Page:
To start with, it's great to have some good news for the climate in the UK - plans for a coal fired power station at Kingsnorth have been shelved, as have the plans for a third runway at Heathrow Airport. Of course these announcements don't guarantee that there won't be new power stations or new runways elsewhere in the country, but even so, this may be an indication that arguments are being listened to more carefully.
One of the things that I find most difficult in the mainstreaming acceptance of the reality of climate change is that we are often being asked to sacrifice biodiversity to 'green energy'. Chopping down the Amazon rainforest to plant crops for biofuels or building industrial sized windfarms on rare peat bogs is enough to break the heart of anyone who loves nature. These kinds of developments are also counterproductive anyway as peat bogs and rainforests are valuable carbon sinks in their own right and mitigate against climate change. (It's excellent to see that several major shoe manufacturers have pledged not to use leather from deforested areas of the Amazon rainforest and it would be great to see similar pledges from biofuel developers).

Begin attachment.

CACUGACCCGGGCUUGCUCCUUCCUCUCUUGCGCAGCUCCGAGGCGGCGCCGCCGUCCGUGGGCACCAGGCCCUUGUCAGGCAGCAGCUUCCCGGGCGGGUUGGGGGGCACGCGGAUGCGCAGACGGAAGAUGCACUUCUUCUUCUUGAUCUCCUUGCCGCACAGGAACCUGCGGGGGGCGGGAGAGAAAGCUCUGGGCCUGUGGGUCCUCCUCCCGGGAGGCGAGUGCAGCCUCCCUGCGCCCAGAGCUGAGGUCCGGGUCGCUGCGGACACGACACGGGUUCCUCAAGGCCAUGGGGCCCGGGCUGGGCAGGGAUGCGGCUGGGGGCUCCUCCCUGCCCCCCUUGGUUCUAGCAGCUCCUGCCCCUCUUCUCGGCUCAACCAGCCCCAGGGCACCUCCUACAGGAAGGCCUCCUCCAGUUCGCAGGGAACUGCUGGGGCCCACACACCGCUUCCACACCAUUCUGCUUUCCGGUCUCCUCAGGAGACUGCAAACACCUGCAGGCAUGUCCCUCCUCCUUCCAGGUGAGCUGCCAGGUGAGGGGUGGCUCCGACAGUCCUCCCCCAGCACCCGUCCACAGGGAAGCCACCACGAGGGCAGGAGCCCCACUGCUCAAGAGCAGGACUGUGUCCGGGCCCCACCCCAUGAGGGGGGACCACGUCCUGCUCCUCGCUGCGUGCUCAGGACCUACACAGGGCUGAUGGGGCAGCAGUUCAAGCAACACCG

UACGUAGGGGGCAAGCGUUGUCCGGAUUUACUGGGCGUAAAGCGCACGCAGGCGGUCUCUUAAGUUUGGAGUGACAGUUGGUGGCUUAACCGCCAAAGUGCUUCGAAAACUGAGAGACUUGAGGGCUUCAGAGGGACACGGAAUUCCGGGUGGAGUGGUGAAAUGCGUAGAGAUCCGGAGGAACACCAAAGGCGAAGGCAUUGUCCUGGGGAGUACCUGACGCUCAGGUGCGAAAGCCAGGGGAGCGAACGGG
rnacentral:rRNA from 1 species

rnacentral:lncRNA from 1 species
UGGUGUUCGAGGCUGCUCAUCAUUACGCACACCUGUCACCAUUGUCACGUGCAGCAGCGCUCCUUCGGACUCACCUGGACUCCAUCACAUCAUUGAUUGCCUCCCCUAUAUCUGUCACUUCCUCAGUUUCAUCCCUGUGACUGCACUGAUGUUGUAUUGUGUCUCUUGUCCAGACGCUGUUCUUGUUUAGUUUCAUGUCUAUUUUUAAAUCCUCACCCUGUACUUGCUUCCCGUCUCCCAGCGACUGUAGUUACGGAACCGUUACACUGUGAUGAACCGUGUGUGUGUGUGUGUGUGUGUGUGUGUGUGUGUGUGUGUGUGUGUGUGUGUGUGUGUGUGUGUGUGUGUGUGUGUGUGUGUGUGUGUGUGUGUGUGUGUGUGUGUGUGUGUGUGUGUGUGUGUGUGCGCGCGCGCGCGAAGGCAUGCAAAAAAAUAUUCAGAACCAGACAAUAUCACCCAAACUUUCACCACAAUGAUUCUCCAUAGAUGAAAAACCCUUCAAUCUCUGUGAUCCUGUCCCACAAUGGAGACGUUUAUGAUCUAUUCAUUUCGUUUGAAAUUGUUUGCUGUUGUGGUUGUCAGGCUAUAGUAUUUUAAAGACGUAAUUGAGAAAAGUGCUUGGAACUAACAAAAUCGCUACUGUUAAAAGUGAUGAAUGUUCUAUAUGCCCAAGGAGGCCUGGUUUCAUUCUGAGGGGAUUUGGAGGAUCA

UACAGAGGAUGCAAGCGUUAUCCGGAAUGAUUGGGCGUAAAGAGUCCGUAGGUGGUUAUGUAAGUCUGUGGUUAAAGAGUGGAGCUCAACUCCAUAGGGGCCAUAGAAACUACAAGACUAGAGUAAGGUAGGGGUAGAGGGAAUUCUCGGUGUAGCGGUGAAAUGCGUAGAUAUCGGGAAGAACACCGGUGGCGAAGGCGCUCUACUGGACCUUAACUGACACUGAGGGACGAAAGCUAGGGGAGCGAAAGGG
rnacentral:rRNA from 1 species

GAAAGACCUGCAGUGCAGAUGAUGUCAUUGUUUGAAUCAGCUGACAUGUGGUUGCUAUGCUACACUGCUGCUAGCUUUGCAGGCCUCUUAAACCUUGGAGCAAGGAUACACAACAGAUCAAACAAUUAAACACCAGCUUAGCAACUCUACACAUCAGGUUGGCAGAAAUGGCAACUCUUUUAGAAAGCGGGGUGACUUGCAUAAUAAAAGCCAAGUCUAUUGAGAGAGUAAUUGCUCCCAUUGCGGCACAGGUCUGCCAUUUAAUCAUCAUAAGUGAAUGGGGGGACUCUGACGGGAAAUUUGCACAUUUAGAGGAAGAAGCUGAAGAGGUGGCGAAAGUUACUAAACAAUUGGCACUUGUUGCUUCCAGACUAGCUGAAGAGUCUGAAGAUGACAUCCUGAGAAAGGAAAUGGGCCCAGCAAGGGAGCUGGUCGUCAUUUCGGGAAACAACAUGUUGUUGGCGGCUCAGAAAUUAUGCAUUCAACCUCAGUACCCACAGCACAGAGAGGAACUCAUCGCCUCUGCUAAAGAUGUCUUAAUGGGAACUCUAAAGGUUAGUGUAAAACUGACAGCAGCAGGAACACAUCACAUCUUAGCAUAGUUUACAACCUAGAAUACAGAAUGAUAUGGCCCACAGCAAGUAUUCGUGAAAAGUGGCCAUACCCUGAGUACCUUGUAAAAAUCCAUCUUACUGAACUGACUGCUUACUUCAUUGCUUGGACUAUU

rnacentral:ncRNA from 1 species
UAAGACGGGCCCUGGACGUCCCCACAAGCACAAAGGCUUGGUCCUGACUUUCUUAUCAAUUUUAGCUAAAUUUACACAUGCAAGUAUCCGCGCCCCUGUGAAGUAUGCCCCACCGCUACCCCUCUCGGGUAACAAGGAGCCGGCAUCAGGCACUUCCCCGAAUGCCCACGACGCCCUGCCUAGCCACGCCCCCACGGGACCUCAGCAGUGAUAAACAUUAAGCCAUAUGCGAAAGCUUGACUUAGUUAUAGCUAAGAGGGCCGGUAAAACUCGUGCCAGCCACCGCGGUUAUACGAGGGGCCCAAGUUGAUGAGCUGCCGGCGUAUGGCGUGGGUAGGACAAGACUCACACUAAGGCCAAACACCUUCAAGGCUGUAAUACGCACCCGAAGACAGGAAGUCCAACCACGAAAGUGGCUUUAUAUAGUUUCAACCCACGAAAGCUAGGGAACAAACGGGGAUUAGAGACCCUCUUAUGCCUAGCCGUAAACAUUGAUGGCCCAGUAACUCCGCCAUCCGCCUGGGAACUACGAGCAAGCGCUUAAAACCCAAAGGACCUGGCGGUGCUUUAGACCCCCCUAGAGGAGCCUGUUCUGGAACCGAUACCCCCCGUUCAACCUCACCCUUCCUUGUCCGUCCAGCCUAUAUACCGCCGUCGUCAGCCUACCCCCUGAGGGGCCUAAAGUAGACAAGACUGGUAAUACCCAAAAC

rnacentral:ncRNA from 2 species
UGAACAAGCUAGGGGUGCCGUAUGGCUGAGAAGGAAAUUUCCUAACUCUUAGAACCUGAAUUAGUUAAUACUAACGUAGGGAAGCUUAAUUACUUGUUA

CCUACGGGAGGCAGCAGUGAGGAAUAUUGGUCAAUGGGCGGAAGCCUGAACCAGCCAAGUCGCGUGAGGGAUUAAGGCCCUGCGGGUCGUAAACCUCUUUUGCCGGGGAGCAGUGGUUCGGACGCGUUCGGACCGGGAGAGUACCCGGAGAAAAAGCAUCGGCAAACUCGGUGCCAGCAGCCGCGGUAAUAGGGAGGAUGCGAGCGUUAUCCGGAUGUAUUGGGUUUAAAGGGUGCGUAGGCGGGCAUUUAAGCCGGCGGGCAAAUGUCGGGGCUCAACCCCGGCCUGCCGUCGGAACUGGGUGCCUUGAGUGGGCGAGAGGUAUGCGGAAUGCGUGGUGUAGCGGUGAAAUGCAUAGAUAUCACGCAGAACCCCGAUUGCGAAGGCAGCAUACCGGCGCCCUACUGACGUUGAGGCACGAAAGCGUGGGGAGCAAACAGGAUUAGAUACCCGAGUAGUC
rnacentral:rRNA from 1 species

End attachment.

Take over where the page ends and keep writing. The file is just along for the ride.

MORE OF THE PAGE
I'm not against windfarms, small community owned windfarms on brownfield sites that make communities self sufficient in power can make a genuinely environmentally friendly contribution and there are some in the UK, see:
http://www.communityenergyscotland.org.uk/about-us.asp. Biofuels too have a role, if they are made from waste materials (such as chip fat) rather than being made from crops that could otherwise have been used for food.
I think what the argument is often missing though is that the root of the problem lies with our overconsumption. Green technology is great, far better the hybrid car than the gas guzzler, but even better is to try to use public transport or even, more radically to ask whether the journey is even necessary in the first place.
for Blog Action Day